Pass the peace, and quiet

Laura Joosse observes diners at Alexian Village, one of the two nursing homes involved in the pilot project. (Photos by Alan Magayne-Roshak)


Bringing down the noise level isn’t quite as easy as putting a finger to the lips to shush people, but a University of Wisconsin-Milwaukee researcher is discovering ways to bring down the mealtime noise levels in nursing homes.

“I’m interested in the relationship between sound and psychiatric behaviors – like agitation – in people with dementia,” Laura Joosse says.

She will be presenting the results of her research pilot project on reducing nursing home noise levels at the Wisconsin Alzheimer’s Association meeting May 4.

Joosse, an assistant professor of nursing, became aware of the possible links between sound and agitation when helping care for her father, who was in the early stages of dementia before his death.  “He seemed to become more agitated with too much sound stimulation,” she remembers.

Joosse used a meter to measure the decibel levels during meal time at the nursing home.

Her doctoral dissertation focused on the impact of a noisy environment on nursing home patients suffering from dementia.

Ongoing loud sound can contribute to anyone’s stress levels, she explains. However, noisy situations may be particularly troubling to those who don’t totally understand what is aggravating them and have little control over their environment. In addition, she notes, the sound levels and increased agitation among patients may also contribute to staff stress levels. “It can be a cumulative impact of high sound levels throughout the day,” she says of the link between noise and behavior issues.

A noisy duet: symphony & silverware

Joosse’s theory is that turning down the noise levels, particularly at meal times, may help decrease the agitation of patients with dementia in nursing homes significantly.

“Meal time is one of the loudest times of the day in a nursing home. With meals three times a day that’s a major percentage of an individual’s day,” she notes. Working with two area nursing homes, she began studying if the mealtime volume could be dialed back.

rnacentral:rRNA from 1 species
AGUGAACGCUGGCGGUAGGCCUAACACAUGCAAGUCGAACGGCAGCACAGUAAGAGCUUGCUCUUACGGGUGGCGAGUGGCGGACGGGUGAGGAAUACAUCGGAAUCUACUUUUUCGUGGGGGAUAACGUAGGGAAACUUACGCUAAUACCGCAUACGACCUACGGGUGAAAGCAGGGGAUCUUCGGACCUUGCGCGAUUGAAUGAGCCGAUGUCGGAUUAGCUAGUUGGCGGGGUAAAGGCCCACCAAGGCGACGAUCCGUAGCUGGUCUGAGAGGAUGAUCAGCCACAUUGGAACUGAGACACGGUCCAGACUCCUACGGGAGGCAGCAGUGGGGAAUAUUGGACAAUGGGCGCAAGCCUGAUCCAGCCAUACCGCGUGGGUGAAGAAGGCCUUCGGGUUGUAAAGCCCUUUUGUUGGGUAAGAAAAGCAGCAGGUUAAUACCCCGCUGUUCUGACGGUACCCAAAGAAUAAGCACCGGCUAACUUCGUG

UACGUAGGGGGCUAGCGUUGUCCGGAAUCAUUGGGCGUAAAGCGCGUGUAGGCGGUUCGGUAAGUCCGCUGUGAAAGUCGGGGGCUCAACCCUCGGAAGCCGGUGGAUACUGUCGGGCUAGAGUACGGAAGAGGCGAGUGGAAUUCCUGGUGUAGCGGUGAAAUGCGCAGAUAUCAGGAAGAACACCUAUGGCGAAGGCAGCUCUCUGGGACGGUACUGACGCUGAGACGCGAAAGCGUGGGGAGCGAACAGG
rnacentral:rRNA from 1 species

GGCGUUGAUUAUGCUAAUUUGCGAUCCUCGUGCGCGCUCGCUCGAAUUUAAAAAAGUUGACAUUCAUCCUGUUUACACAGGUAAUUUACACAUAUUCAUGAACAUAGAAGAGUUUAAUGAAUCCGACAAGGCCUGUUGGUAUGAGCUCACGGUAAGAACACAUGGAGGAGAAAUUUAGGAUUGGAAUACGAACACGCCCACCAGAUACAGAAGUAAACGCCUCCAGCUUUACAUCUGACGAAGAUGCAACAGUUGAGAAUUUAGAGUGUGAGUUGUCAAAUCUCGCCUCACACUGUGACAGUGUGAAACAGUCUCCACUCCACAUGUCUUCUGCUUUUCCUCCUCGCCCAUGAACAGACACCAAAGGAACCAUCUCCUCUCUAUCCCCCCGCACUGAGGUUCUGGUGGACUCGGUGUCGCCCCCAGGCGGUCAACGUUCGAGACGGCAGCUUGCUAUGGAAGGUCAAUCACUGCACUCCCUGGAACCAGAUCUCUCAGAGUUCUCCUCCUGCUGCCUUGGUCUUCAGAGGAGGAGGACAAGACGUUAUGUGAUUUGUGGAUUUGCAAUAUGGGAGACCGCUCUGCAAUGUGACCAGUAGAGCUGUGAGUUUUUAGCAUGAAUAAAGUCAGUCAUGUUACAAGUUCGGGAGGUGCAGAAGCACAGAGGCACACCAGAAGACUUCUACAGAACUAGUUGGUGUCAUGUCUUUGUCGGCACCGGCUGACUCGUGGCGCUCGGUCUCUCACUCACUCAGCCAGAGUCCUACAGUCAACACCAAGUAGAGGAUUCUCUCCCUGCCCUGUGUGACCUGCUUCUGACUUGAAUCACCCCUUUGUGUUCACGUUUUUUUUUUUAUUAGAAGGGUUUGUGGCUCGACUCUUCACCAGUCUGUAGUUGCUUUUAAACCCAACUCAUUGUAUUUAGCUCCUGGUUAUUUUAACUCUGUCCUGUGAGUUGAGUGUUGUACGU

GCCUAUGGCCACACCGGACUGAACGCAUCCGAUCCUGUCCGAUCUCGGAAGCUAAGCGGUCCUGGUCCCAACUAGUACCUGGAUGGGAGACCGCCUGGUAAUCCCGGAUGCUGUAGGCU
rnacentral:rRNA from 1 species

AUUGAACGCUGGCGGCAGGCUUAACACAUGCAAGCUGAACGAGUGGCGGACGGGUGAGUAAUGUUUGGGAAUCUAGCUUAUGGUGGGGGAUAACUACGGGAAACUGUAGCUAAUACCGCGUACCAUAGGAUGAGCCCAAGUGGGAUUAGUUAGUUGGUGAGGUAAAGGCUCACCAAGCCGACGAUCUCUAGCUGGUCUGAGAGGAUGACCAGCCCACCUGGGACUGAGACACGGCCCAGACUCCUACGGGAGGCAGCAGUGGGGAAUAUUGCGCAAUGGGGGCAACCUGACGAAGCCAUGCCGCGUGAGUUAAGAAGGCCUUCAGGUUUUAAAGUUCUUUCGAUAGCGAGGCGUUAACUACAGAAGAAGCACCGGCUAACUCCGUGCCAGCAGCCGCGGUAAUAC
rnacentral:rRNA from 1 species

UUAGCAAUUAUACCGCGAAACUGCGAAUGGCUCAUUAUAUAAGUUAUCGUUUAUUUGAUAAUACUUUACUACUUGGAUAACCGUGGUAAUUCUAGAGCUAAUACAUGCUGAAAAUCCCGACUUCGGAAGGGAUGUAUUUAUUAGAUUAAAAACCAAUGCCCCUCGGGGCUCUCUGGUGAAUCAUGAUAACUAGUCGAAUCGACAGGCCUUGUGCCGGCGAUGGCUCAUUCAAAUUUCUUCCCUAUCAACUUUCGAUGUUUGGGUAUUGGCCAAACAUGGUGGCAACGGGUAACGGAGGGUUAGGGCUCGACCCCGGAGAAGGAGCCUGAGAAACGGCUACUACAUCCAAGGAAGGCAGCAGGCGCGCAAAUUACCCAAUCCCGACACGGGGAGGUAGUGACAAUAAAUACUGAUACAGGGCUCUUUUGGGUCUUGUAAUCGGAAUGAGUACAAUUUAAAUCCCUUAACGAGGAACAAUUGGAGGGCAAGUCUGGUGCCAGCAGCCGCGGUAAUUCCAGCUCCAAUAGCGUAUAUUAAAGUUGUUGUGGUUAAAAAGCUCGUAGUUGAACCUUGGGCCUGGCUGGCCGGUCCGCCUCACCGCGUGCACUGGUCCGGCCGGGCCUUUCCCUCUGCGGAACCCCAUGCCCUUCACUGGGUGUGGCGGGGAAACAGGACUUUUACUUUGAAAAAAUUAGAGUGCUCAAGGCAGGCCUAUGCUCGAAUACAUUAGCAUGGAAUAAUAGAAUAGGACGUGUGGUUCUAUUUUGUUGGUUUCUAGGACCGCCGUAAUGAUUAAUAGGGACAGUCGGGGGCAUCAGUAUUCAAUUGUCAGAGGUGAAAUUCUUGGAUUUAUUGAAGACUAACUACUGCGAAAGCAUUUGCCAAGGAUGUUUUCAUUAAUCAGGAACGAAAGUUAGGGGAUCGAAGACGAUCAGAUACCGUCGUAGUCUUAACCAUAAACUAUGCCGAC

It wasn’t as simple as having caregivers say “shhhhhhh,” but she did find several steps that could lower the mealtime noise levels, and developed a pilot project with the two homes to develop and test a “noise abatement protocol. “

First, she measured the decibels at mealtime in dining areas and identified sources of sound. She then worked with caregivers to figure out ways to change mealtime processes to keep the noise down. Finally, she helped each organization develop a plan that worked for their caregivers to lower the decibels

Two of the biggest contributors to mealtime noise levels, she found, were background music and the process of setting up and cleaning up the meal.

Some nursing homes play the music very loud; that’s perhaps because of the underlying stereotype that everybody who’s old is hard of hearing, notes Joosse.  For example, she found music sound levels as high as 72 to 74 decibels during mealtimes, when at 60 decibels it becomes hard to hold a conversation. While the louder music might make sense during music therapy time when residents actually wanted or needed to hear the music, she says, during mealtime it just added to the overall noise. By turning down the music, not only were noise levels reduced, but residents were able to communicate better with each other, she adds.

Down with decibels

The other big factor in mealtime noise levels was the clinking, clanking and banging involved in setting up and clearing tables. The caregivers worked with her to figure out a different process that lowered the sound – setting the tables before residents arrived for lunch, and clearing them after they’d left the dining room.

With training and mentoring, caregivers at the two homes also became more aware of actions like slamming cupboard doors that might contribute to overall noise. No one was doing anything deliberately to annoy anyone else, says Joosse. “When you’re serving 40 or 50 people, you’re looking for efficient ways to do things, but not realizing how much the sound of set-up could upset some residents.”  In addition, the sound levels and increased agitation among patients may also contribute to caregiver stress levels.

At the end of the pilot project, both homes had reduced their mealtime sound levels significantly.  Anecdotal evidence from caregivers also indicated that general anxiety levels and agitation among the residents were down. And caregivers said they felt better as well. One caregiver said: “I don’t leave work with a pounding headache anymore.”

A next step in her research, Joosse says, is a study to examine the correlations between sound and changes in behavior among those with dementia.

“They (the residents with dementia) can’t tell us what’s bothering them so we have to figure out ways we can help.”